Would you sign Joakim Noah to a 4 year $72 million deal?
— Swiss Cheese D (@NBASwissCheeseD) November 16, 2016
The Knicks are at an interesting phase in their franchise. They’re flirting with the desire for playoff contention, even though it’s clear a championship is not within their stratosphere (apologies to everyone who bet on them to win it all this summer). It’s difficult to find a balance behind building for a 32 year old superstar, and a 21 year old superstar.
The Derrick Rose trade was a smart decision due to his expiring deal. Worst case scenario and Rose gets hurt, it’s $21 million off the books. This makes the Rose acquisition beneficial if you want to win now, or if you’re in rebuilding mode.
After the Rose trade, the Knicks signed Hell’s Kitchen native Joakim Noah to a 4-year $72 million deal. Let’s go over the pros and cons.
Noah brings a culture to the locker room that is priceless.
Well, we can’t exactly say it’s priceless, but this narrative rings true to many. Noah has been a homicidal competitor his entire career. He also brings the team together on and off the court.
I went to the Knicks home opener against the Grizzlies, and even when Noah was on the bench, he wouldn’t sit down. He was constantly yelling at everything. He’s crazy, New York crazy.
The Knicks were starving for Noah’s vocal leadership, reminiscent of Tyson Chandler. Just to see that kind of engagement is extremely refreshing for Knicks fans.
Porzingis is at his best at the 5.
I’ve been preaching this theory for about a year now, which is why I didn’t shed a tear when the Knicks traded an above average center in Robin Lopez. On Monday, the Knicks blew out the Mavs after benching Noah for Justin Holiday, a wing. The small ball lineup consisted of Melo at the 4 and Porzingis at the 5.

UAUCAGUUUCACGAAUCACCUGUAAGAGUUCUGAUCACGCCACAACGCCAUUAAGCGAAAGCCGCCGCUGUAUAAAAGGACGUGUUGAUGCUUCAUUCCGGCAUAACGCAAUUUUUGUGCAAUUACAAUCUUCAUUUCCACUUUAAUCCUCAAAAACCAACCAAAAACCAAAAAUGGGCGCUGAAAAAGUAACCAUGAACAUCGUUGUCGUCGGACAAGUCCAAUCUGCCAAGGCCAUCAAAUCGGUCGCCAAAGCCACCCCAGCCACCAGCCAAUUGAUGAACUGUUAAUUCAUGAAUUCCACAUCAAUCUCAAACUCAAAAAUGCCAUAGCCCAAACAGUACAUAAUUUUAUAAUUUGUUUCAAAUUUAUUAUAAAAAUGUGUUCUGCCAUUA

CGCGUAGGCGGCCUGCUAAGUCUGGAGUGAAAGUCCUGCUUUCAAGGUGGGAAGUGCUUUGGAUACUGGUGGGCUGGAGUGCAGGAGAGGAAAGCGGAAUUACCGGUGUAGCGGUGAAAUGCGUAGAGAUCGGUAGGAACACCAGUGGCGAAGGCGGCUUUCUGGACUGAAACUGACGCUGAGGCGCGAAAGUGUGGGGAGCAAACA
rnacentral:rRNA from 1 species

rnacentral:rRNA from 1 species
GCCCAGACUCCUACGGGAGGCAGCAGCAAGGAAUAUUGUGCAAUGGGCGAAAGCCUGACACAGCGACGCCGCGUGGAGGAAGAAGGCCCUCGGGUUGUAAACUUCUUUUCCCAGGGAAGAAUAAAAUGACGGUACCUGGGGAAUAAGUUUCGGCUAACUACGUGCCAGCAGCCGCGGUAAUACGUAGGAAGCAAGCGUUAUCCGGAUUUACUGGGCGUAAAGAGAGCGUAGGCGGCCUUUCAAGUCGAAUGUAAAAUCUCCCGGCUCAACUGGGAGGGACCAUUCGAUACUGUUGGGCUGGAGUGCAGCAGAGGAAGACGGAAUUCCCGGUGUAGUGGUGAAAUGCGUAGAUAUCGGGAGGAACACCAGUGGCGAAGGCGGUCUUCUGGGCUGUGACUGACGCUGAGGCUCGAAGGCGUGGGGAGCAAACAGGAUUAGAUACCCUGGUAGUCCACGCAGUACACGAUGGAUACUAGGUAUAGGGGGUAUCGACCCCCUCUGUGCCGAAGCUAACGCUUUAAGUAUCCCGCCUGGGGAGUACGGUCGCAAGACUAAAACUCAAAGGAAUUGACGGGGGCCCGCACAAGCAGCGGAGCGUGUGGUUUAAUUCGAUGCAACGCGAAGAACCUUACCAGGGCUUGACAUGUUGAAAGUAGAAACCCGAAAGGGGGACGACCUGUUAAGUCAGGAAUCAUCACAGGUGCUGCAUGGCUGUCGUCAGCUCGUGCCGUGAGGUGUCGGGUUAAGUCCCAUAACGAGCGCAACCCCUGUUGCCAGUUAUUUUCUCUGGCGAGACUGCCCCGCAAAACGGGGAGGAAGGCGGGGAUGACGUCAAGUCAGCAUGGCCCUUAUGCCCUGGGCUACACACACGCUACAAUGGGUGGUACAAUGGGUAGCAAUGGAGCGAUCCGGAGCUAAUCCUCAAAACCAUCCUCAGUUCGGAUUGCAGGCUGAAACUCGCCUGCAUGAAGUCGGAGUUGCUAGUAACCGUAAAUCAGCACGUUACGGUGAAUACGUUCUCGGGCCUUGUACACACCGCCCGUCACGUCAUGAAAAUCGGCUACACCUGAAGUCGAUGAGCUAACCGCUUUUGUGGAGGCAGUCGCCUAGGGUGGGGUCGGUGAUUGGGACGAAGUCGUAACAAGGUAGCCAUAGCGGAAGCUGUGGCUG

Porzingis said after Monday’s win, “I really focus on what I can do better as a (power forward). And then as a five obviously I feel more comfortable because (centers) give you more space. Honestly, I don’t know. I’ll keep playing the four if they play me at the four. And if at the five I’ll try to be as productive as I can at the five.”
Key word is space. Any time you say that Andre Drummond and Hassan Whiteside will bully Porzingis in the paint, I’m going to say that Porzingis will bully them on the perimeter.
You have to respect Porzingis’ ability to hit the three (averaging 2 per game at 40% after ten games), which means more room for Melo to work with inside, where he’s also at his best. One more fun fact: last time Melo started at the 4 all season, the Knicks won 54 games.
Noah is a defensive minded player on a team that sucks at defense.
Joakim Noah is a former defensive player of the year, and this was not just due to his ability to shut down opposing centers in the post. He won this award due to his high IQ in the pick and roll, and his ability to switch; he was the anchor of a Thibodeau defense.
We have a small sample size this season, but so far Noah’s high IQ is not matching his body. Noah is simply too slow to survive a modern NBA offense.
The issue today is that everyone is looking to push the pace. Noah will come in handy when the Clippers, Pistons, Jazz and Grizzlies come into town, but that’s not worth the money or years in my opinion.
Here is a list of other 2016 free agents who could have come off the bench when Dwight Howard is bullying our beloved Porzingis:
- Roy Hibbert – 1 year $5 million
- Festus Ezeli – 2 years $12 million
- Boban Marjanovic – 3 years $21 million
- Dewayne Dedmon – 2 years $6 million
- Kris Humphries – 1 year $4 million
I’m not saying I think any of the players listed above are better than Noah, but opportunity cost is a huge factor in a league that has a salary cap. Is $72 million worth a player who is better suited off the bench as a post-defensive specialist against the 5 remaining post players in the league?
Whether the Knicks are looking to rebuild for the future, or are in “win now mode”, I can’t see a scenario where the Joakim Noah acquisition will prove to be an overall good deal.